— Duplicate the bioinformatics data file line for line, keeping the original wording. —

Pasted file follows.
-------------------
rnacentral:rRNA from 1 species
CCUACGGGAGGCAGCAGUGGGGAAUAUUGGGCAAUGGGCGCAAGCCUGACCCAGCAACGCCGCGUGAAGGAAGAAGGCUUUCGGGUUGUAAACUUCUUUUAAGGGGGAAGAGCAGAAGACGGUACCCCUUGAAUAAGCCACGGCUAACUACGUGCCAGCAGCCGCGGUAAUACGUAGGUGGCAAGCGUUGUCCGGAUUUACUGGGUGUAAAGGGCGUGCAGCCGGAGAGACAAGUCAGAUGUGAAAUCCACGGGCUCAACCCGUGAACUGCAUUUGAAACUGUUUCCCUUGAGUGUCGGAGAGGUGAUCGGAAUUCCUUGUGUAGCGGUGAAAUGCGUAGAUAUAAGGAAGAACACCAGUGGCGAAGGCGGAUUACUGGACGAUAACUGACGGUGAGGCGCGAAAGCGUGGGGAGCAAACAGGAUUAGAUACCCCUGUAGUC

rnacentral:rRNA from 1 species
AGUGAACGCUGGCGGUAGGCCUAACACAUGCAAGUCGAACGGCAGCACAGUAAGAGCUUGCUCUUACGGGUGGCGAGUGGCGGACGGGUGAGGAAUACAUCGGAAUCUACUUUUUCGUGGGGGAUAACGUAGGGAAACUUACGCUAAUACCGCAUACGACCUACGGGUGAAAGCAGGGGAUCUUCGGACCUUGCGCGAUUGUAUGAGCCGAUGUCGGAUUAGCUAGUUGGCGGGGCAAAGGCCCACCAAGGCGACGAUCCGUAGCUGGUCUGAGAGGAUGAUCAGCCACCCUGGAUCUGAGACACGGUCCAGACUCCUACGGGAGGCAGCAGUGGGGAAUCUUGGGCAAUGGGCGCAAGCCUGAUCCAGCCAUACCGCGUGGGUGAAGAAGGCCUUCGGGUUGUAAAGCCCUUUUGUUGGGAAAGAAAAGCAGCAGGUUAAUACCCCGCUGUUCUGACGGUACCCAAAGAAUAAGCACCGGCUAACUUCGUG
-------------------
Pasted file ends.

rnacentral:rRNA from 1 species
CCUACGGGAGGCAGCAGUGGGGAAUAUUGGGCAAUGGGCGCAAGCCUGACCCAGCAACGCCGCGUGAAGGAAGAAGGCUUUCGGGUUGUAAACUUCUUUUAAGGGGGAAGAGCAGAAGACGGUACCCCUUGAAUAAGCCACGGCUAACUACGUGCCAGCAGCCGCGGUAAUACGUAGGUGGCAAGCGUUGUCCGGAUUUACUGGGUGUAAAGGGCGUGCAGCCGGAGAGACAAGUCAGAUGUGAAAUCCACGGGCUCAACCCGUGAACUGCAUUUGAAACUGUUUCCCUUGAGUGUCGGAGAGGUGAUCGGAAUUCCUUGUGUAGCGGUGAAAUGCGUAGAUAUAAGGAAGAACACCAGUGGCGAAGGCGGAUUACUGGACGAUAACUGACGGUGAGGCGCGAAAGCGUGGGGAGCAAACAGGAUUAGAUACCCCUGUAGUC

rnacentral:rRNA from 1 species
AGUGAACGCUGGCGGUAGGCCUAACACAUGCAAGUCGAACGGCAGCACAGUAAGAGCUUGCUCUUACGGGUGGCGAGUGGCGGACGGGUGAGGAAUACAUCGGAAUCUACUUUUUCGUGGGGGAUAACGUAGGGAAACUUACGCUAAUACCGCAUACGACCUACGGGUGAAAGCAGGGGAUCUUCGGACCUUGCGCGAUUGUAUGAGCCGAUGUCGGAUUAGCUAGUUGGCGGGGCAAAGGCCCACCAAGGCGACGAUCCGUAGCUGGUCUGAGAGGAUGAUCAGCCACCCUGGAUCUGAGACACGGUCCAGACUCCUACGGGAGGCAGCAGUGGGGAAUCUUGGGCAAUGGGCGCAAGCCUGAUCCAGCCAUACCGCGUGGGUGAAGAAGGCCUUCGGGUUGUAAAGCCCUUUUGUUGGGAAAGAAAAGCAGCAGGUUAAUACCCCGCUGUUCUGACGGUACCCAAAGAAUAAGCACCGGCUAACUUCGUG